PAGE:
A captivating look at a singular American figure and the tumultuous history he helped fashion.



A historical account examines Theodore Roosevelt’s quest to prepare the United States for its entry into World War I.

In 1915, the British ocean liner the RMS Lusitania was sunk by a German U-boat while making its way from New York to Liverpool, killing nearly 1,200 passengers. Roosevelt was enraged by this act of naval aggression and equally furious by what he considered President Woodrow Wilson’s pusillanimous response to it. Roosevelt became obsessed with preparing the nation for war, though the country had neither the men nor the supplies—and perhaps not the funds—for a protracted foreign engagement. Wilson opposed him bitterly and staked his presidency on the attractive combination of peace and prosperity. Roosevelt seriously contemplated a bid for the presidency in 1916, but the GOP was deeply distrustful of him as well as resentful given the way his failed third party bid in 1912 essentially ushered Wilson into office. Pietrusza (1960, 2018, etc.) powerfully captures Roosevelt’s frustration: “He wanted the presidency, craved vindication, fairly lusted for a chance to crush Woodrow Wilson and all his old enemies. But he knew that for all his heroism, he lacked public support, and that fatal defect preyed upon him.” The author provides a remarkably detailed account of the 1916 election and Roosevelt’s indefatigable push for military readiness as well as the emotional toll the war took on him—all four of his sons fought in it, and one lost his life. Pietrusza’s research is magisterially rigorous, swinging expertly from microscopic details to a vivid drawing of a more general tableau. The fulcrum of the book is Roosevelt’s capacious character: his near-comical obsession with the trumpeting of manly virtue, his thunderous economic populism, and his great sensitivity to loss—he had a “significant suicidal streak”—all somehow contained within one man. The author memorably contrasts the former president with Wilson, a man Roosevelt came to deeply loathe, a patrician academic who longed to disentangle the nation from Europe’s savage intramural disputes. Pietrusza clearly harbors an admiration for his subject but avoids any fawning hagiography, though one could argue his depiction of Wilson could be more generous. Further, the author adeptly tracks the transformation of the country’s mood, which gradually moved closer to Roosevelt’s sentiments: disdainful of Wilson’s intrusive foreign policy in the Americas but dispassionately neutral when it came to Europe. Pietrusza’s prose is sharply buoyant and transparent, and the story unfolds almost in novelistic fashion, presented as an electric contest of dominating wills rather than a dry recitation of historical facts. And while the author’s treatment focuses on the run-up to the war, he manages to paint a comprehensive view of Roosevelt’s life and the “sheer bloodlust” of which he was formidably capable. This is a fine scholarly achievement: psychologically searching, scrupulously devoted to accuracy, and dramatically gripping.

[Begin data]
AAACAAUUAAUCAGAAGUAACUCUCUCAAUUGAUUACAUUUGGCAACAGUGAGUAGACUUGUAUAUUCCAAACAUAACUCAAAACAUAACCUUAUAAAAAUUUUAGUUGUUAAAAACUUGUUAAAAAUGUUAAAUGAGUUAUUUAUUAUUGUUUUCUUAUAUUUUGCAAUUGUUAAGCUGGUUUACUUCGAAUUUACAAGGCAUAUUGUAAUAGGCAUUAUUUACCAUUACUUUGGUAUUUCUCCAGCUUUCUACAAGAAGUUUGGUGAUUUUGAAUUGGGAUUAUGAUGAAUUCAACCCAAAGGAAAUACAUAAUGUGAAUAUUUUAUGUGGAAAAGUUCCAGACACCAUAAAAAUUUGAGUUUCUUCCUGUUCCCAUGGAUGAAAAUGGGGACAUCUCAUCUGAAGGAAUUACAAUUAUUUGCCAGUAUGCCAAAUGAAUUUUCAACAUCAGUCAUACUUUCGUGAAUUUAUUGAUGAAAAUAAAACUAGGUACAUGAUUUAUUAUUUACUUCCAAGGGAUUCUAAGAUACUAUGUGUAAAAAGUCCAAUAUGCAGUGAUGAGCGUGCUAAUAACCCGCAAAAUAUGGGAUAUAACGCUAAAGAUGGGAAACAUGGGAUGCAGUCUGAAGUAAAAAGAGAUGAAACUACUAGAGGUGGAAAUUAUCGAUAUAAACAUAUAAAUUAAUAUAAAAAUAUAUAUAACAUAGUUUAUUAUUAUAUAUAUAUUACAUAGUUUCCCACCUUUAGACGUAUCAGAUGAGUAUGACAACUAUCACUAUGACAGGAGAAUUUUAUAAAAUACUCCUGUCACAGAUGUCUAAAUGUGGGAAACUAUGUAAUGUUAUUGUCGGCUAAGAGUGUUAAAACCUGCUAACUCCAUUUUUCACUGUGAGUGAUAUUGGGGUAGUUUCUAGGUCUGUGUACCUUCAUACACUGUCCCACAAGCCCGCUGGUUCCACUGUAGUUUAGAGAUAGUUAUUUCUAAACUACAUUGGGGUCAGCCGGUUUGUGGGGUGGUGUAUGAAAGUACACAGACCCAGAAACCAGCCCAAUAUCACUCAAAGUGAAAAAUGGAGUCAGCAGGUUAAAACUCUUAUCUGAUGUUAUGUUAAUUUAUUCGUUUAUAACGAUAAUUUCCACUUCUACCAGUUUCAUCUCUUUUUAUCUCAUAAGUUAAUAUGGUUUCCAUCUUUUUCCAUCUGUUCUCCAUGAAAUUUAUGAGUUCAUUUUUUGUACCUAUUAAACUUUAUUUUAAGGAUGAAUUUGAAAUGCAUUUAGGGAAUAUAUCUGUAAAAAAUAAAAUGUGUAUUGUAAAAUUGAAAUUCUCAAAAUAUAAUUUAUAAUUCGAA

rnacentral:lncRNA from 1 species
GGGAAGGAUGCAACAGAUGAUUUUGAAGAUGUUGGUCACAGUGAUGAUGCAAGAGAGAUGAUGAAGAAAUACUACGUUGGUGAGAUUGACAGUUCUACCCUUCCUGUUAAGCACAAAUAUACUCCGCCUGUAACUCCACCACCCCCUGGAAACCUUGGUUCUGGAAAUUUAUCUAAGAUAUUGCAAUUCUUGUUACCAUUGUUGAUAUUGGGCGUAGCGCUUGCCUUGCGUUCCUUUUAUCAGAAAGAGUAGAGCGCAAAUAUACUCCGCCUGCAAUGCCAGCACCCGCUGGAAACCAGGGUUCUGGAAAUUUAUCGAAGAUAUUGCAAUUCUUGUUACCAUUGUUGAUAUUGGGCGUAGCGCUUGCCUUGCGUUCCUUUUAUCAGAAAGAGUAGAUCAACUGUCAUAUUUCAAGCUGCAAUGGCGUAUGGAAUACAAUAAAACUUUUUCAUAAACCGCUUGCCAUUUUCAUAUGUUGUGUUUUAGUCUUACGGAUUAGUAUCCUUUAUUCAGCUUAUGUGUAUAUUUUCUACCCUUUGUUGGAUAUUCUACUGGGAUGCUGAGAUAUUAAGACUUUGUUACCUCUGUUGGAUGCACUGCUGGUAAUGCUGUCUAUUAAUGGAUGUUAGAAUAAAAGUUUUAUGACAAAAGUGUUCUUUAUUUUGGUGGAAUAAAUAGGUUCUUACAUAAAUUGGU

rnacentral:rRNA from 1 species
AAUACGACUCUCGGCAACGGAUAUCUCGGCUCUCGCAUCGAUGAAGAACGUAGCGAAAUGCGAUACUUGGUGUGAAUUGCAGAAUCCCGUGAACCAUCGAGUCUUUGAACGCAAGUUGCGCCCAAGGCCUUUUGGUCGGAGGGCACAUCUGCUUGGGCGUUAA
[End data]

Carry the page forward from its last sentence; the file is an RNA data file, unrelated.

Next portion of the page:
A captivating look at a singular American figure and the tumultuous history he helped fashion.

Pub Date: Sept. 1, 2018

ISBN: 978-1-4930-2887-0

Page Count: 424

Publisher: Lyons Press

Review Posted Online: Nov. 8, 2018

Kirkus Reviews Issue: Jan. 1, 2019

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The author's youthfulness helps to assure the inevitable comparison with the Anne Frank diary although over and above the...